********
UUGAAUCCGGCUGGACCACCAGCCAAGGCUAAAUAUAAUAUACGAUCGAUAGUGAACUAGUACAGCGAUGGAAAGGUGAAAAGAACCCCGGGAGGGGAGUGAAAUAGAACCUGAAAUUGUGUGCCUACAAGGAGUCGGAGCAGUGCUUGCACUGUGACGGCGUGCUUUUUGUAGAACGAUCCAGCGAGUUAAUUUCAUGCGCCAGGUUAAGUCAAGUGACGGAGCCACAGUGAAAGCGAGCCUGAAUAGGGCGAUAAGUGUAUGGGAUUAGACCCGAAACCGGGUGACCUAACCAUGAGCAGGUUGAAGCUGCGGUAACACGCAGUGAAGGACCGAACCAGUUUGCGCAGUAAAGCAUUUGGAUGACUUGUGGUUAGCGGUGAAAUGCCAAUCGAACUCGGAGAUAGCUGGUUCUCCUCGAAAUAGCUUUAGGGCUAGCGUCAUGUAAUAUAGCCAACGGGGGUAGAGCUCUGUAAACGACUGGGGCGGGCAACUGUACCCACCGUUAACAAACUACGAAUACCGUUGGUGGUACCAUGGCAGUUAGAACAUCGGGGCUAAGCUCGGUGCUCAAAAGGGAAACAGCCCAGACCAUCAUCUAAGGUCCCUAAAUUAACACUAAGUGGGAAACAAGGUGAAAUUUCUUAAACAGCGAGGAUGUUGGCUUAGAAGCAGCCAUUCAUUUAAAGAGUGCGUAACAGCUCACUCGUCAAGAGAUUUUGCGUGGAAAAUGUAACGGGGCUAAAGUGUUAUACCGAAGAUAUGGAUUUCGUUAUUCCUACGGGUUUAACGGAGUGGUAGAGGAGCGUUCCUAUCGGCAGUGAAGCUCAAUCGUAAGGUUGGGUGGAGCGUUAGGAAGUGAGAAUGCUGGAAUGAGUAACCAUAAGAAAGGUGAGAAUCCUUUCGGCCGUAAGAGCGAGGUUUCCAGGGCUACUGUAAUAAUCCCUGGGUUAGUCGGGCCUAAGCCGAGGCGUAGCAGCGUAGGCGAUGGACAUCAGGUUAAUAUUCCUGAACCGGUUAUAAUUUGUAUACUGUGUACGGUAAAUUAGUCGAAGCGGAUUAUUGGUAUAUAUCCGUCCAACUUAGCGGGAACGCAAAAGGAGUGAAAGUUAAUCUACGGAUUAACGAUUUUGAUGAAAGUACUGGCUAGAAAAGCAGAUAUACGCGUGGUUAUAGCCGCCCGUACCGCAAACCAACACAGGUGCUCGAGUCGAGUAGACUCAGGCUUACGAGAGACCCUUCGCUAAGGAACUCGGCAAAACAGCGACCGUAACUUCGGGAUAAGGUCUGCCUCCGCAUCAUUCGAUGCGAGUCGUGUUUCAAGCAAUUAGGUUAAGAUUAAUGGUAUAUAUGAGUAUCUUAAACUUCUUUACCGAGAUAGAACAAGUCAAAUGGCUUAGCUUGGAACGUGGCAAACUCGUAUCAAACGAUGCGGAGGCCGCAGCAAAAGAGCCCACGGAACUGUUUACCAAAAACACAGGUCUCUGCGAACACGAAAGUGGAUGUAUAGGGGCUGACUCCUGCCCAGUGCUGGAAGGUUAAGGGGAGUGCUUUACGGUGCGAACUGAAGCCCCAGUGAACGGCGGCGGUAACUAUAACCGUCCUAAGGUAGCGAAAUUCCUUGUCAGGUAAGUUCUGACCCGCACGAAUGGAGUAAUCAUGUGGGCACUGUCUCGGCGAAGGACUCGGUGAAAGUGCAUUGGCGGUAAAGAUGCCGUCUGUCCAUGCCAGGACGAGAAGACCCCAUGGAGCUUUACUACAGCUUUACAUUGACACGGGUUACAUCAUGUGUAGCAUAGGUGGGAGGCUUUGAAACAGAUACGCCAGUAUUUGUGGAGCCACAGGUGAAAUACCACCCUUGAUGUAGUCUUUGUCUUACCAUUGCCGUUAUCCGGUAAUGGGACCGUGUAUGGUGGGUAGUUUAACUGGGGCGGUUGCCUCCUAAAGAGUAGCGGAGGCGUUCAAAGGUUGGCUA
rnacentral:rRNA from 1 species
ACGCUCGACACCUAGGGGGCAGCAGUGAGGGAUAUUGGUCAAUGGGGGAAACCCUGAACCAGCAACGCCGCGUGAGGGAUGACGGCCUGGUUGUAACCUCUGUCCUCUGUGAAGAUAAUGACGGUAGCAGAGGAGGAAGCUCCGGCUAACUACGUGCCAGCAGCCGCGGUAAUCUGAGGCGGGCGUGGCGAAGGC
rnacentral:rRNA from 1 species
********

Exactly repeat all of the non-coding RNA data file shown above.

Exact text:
UUGAAUCCGGCUGGACCACCAGCCAAGGCUAAAUAUAAUAUACGAUCGAUAGUGAACUAGUACAGCGAUGGAAAGGUGAAAAGAACCCCGGGAGGGGAGUGAAAUAGAACCUGAAAUUGUGUGCCUACAAGGAGUCGGAGCAGUGCUUGCACUGUGACGGCGUGCUUUUUGUAGAACGAUCCAGCGAGUUAAUUUCAUGCGCCAGGUUAAGUCAAGUGACGGAGCCACAGUGAAAGCGAGCCUGAAUAGGGCGAUAAGUGUAUGGGAUUAGACCCGAAACCGGGUGACCUAACCAUGAGCAGGUUGAAGCUGCGGUAACACGCAGUGAAGGACCGAACCAGUUUGCGCAGUAAAGCAUUUGGAUGACUUGUGGUUAGCGGUGAAAUGCCAAUCGAACUCGGAGAUAGCUGGUUCUCCUCGAAAUAGCUUUAGGGCUAGCGUCAUGUAAUAUAGCCAACGGGGGUAGAGCUCUGUAAACGACUGGGGCGGGCAACUGUACCCACCGUUAACAAACUACGAAUACCGUUGGUGGUACCAUGGCAGUUAGAACAUCGGGGCUAAGCUCGGUGCUCAAAAGGGAAACAGCCCAGACCAUCAUCUAAGGUCCCUAAAUUAACACUAAGUGGGAAACAAGGUGAAAUUUCUUAAACAGCGAGGAUGUUGGCUUAGAAGCAGCCAUUCAUUUAAAGAGUGCGUAACAGCUCACUCGUCAAGAGAUUUUGCGUGGAAAAUGUAACGGGGCUAAAGUGUUAUACCGAAGAUAUGGAUUUCGUUAUUCCUACGGGUUUAACGGAGUGGUAGAGGAGCGUUCCUAUCGGCAGUGAAGCUCAAUCGUAAGGUUGGGUGGAGCGUUAGGAAGUGAGAAUGCUGGAAUGAGUAACCAUAAGAAAGGUGAGAAUCCUUUCGGCCGUAAGAGCGAGGUUUCCAGGGCUACUGUAAUAAUCCCUGGGUUAGUCGGGCCUAAGCCGAGGCGUAGCAGCGUAGGCGAUGGACAUCAGGUUAAUAUUCCUGAACCGGUUAUAAUUUGUAUACUGUGUACGGUAAAUUAGUCGAAGCGGAUUAUUGGUAUAUAUCCGUCCAACUUAGCGGGAACGCAAAAGGAGUGAAAGUUAAUCUACGGAUUAACGAUUUUGAUGAAAGUACUGGCUAGAAAAGCAGAUAUACGCGUGGUUAUAGCCGCCCGUACCGCAAACCAACACAGGUGCUCGAGUCGAGUAGACUCAGGCUUACGAGAGACCCUUCGCUAAGGAACUCGGCAAAACAGCGACCGUAACUUCGGGAUAAGGUCUGCCUCCGCAUCAUUCGAUGCGAGUCGUGUUUCAAGCAAUUAGGUUAAGAUUAAUGGUAUAUAUGAGUAUCUUAAACUUCUUUACCGAGAUAGAACAAGUCAAAUGGCUUAGCUUGGAACGUGGCAAACUCGUAUCAAACGAUGCGGAGGCCGCAGCAAAAGAGCCCACGGAACUGUUUACCAAAAACACAGGUCUCUGCGAACACGAAAGUGGAUGUAUAGGGGCUGACUCCUGCCCAGUGCUGGAAGGUUAAGGGGAGUGCUUUACGGUGCGAACUGAAGCCCCAGUGAACGGCGGCGGUAACUAUAACCGUCCUAAGGUAGCGAAAUUCCUUGUCAGGUAAGUUCUGACCCGCACGAAUGGAGUAAUCAUGUGGGCACUGUCUCGGCGAAGGACUCGGUGAAAGUGCAUUGGCGGUAAAGAUGCCGUCUGUCCAUGCCAGGACGAGAAGACCCCAUGGAGCUUUACUACAGCUUUACAUUGACACGGGUUACAUCAUGUGUAGCAUAGGUGGGAGGCUUUGAAACAGAUACGCCAGUAUUUGUGGAGCCACAGGUGAAAUACCACCCUUGAUGUAGUCUUUGUCUUACCAUUGCCGUUAUCCGGUAAUGGGACCGUGUAUGGUGGGUAGUUUAACUGGGGCGGUUGCCUCCUAAAGAGUAGCGGAGGCGUUCAAAGGUUGGCUA
rnacentral:rRNA from 1 species
ACGCUCGACACCUAGGGGGCAGCAGUGAGGGAUAUUGGUCAAUGGGGGAAACCCUGAACCAGCAACGCCGCGUGAGGGAUGACGGCCUGGUUGUAACCUCUGUCCUCUGUGAAGAUAAUGACGGUAGCAGAGGAGGAAGCUCCGGCUAACUACGUGCCAGCAGCCGCGGUAAUCUGAGGCGGGCGUGGCGAAGGC
rnacentral:rRNA from 1 species